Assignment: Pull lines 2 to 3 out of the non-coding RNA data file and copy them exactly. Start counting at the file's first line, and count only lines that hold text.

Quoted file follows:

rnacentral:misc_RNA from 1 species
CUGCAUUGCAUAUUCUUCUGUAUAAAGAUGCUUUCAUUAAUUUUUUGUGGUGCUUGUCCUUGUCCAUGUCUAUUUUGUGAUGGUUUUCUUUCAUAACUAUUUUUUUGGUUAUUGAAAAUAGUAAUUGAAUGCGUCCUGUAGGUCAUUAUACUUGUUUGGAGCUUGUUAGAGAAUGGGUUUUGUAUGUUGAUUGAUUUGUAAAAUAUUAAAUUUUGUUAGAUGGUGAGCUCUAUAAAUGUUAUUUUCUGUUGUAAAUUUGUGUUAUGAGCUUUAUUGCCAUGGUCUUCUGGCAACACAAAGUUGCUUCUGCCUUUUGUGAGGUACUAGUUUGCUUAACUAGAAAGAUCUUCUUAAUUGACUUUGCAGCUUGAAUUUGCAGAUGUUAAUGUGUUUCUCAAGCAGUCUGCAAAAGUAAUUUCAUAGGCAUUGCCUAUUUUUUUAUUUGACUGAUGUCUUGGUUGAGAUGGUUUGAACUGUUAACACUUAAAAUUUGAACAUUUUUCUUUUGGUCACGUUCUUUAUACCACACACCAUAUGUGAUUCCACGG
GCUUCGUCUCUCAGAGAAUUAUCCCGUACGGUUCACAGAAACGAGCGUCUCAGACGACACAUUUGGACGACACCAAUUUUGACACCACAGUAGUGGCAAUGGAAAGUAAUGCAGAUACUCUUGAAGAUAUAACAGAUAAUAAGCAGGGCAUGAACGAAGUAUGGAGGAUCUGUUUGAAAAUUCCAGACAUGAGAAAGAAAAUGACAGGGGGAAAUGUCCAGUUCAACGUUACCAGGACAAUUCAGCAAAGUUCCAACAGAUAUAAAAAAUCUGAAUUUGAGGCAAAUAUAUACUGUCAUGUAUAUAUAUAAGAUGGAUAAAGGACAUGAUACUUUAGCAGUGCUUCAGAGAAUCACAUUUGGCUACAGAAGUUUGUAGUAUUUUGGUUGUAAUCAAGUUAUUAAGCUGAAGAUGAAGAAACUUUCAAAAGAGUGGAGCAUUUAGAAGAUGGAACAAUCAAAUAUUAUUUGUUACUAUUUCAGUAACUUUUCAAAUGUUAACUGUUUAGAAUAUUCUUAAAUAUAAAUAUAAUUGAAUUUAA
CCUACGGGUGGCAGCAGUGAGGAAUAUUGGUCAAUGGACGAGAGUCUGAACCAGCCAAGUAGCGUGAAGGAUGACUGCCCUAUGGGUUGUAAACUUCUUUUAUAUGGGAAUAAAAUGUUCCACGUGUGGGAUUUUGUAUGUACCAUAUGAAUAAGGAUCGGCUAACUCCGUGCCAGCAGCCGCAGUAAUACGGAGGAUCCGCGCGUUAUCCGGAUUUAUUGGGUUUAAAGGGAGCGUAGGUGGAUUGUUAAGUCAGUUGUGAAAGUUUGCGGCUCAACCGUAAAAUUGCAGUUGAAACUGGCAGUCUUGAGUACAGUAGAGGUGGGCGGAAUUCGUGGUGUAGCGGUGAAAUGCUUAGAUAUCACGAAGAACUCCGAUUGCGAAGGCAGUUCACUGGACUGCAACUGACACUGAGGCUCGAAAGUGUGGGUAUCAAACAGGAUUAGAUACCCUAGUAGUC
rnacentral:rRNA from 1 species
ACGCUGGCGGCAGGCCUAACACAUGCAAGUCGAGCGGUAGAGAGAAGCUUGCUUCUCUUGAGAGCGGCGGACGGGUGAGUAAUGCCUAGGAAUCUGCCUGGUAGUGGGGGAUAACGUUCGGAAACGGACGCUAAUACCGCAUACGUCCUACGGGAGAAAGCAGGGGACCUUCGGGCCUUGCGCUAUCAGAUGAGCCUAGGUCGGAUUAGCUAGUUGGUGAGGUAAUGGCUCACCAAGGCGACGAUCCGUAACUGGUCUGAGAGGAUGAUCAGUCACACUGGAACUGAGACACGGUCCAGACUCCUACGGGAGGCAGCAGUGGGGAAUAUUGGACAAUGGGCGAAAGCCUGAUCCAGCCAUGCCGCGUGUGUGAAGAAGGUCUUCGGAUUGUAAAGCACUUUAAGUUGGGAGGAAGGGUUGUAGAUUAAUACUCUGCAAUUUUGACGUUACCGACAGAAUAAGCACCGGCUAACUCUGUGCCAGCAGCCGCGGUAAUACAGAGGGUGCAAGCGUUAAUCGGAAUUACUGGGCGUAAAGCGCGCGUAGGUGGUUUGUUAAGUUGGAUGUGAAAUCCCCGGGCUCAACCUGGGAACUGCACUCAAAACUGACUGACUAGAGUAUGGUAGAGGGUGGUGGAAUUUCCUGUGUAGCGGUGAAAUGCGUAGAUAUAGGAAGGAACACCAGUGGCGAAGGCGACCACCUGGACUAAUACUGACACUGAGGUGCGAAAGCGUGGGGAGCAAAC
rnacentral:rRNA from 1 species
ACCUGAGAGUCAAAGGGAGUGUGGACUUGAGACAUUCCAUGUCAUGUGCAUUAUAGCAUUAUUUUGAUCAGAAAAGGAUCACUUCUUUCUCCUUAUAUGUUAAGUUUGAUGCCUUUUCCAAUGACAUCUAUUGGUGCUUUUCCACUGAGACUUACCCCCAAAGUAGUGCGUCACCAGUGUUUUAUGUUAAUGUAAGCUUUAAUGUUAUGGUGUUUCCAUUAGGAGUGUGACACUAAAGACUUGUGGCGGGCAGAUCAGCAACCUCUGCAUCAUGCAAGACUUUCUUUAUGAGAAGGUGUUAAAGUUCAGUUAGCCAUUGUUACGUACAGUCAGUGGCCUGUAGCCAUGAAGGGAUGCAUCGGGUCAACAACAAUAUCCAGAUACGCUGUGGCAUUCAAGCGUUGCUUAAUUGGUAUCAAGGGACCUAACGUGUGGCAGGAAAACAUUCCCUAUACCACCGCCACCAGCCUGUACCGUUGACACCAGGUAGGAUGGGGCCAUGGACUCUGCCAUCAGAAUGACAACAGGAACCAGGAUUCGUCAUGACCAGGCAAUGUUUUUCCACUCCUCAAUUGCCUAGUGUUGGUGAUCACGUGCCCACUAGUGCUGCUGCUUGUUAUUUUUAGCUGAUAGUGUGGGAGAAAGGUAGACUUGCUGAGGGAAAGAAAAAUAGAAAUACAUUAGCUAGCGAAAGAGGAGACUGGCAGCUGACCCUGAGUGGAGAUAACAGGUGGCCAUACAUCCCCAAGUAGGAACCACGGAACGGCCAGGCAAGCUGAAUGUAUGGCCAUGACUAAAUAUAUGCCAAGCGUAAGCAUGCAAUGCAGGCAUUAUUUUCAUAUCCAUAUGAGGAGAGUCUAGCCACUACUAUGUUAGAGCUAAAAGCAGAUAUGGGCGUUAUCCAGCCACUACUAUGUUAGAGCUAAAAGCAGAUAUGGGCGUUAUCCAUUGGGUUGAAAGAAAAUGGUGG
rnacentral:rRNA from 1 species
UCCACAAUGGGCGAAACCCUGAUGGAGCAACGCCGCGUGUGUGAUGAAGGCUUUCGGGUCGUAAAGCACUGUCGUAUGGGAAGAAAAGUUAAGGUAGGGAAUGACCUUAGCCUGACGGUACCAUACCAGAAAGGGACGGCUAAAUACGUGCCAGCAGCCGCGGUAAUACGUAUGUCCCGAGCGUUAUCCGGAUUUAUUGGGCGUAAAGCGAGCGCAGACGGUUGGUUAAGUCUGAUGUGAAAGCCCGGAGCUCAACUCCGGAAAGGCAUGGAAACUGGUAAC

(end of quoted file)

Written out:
CUGCAUUGCAUAUUCUUCUGUAUAAAGAUGCUUUCAUUAAUUUUUUGUGGUGCUUGUCCUUGUCCAUGUCUAUUUUGUGAUGGUUUUCUUUCAUAACUAUUUUUUUGGUUAUUGAAAAUAGUAAUUGAAUGCGUCCUGUAGGUCAUUAUACUUGUUUGGAGCUUGUUAGAGAAUGGGUUUUGUAUGUUGAUUGAUUUGUAAAAUAUUAAAUUUUGUUAGAUGGUGAGCUCUAUAAAUGUUAUUUUCUGUUGUAAAUUUGUGUUAUGAGCUUUAUUGCCAUGGUCUUCUGGCAACACAAAGUUGCUUCUGCCUUUUGUGAGGUACUAGUUUGCUUAACUAGAAAGAUCUUCUUAAUUGACUUUGCAGCUUGAAUUUGCAGAUGUUAAUGUGUUUCUCAAGCAGUCUGCAAAAGUAAUUUCAUAGGCAUUGCCUAUUUUUUUAUUUGACUGAUGUCUUGGUUGAGAUGGUUUGAACUGUUAACACUUAAAAUUUGAACAUUUUUCUUUUGGUCACGUUCUUUAUACCACACACCAUAUGUGAUUCCACGG
GCUUCGUCUCUCAGAGAAUUAUCCCGUACGGUUCACAGAAACGAGCGUCUCAGACGACACAUUUGGACGACACCAAUUUUGACACCACAGUAGUGGCAAUGGAAAGUAAUGCAGAUACUCUUGAAGAUAUAACAGAUAAUAAGCAGGGCAUGAACGAAGUAUGGAGGAUCUGUUUGAAAAUUCCAGACAUGAGAAAGAAAAUGACAGGGGGAAAUGUCCAGUUCAACGUUACCAGGACAAUUCAGCAAAGUUCCAACAGAUAUAAAAAAUCUGAAUUUGAGGCAAAUAUAUACUGUCAUGUAUAUAUAUAAGAUGGAUAAAGGACAUGAUACUUUAGCAGUGCUUCAGAGAAUCACAUUUGGCUACAGAAGUUUGUAGUAUUUUGGUUGUAAUCAAGUUAUUAAGCUGAAGAUGAAGAAACUUUCAAAAGAGUGGAGCAUUUAGAAGAUGGAACAAUCAAAUAUUAUUUGUUACUAUUUCAGUAACUUUUCAAAUGUUAACUGUUUAGAAUAUUCUUAAAUAUAAAUAUAAUUGAAUUUAA